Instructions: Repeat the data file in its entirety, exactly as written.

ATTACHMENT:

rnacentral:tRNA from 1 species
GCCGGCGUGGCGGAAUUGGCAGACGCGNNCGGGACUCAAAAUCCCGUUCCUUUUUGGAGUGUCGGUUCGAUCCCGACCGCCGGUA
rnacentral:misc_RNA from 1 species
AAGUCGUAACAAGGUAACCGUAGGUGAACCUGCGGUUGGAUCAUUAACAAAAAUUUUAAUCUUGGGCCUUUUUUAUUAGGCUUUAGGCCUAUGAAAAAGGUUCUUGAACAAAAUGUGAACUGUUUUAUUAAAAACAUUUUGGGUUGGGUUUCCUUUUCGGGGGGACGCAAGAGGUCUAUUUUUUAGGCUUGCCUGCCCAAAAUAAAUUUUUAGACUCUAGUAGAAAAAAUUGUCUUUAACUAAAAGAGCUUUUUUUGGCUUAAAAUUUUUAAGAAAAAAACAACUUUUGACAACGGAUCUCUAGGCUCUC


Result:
rnacentral:tRNA from 1 species
GCCGGCGUGGCGGAAUUGGCAGACGCGNNCGGGACUCAAAAUCCCGUUCCUUUUUGGAGUGUCGGUUCGAUCCCGACCGCCGGUA
rnacentral:misc_RNA from 1 species
AAGUCGUAACAAGGUAACCGUAGGUGAACCUGCGGUUGGAUCAUUAACAAAAAUUUUAAUCUUGGGCCUUUUUUAUUAGGCUUUAGGCCUAUGAAAAAGGUUCUUGAACAAAAUGUGAACUGUUUUAUUAAAAACAUUUUGGGUUGGGUUUCCUUUUCGGGGGGACGCAAGAGGUCUAUUUUUUAGGCUUGCCUGCCCAAAAUAAAUUUUUAGACUCUAGUAGAAAAAAUUGUCUUUAACUAAAAGAGCUUUUUUUGGCUUAAAAUUUUUAAGAAAAAAACAACUUUUGACAACGGAUCUCUAGGCUCUC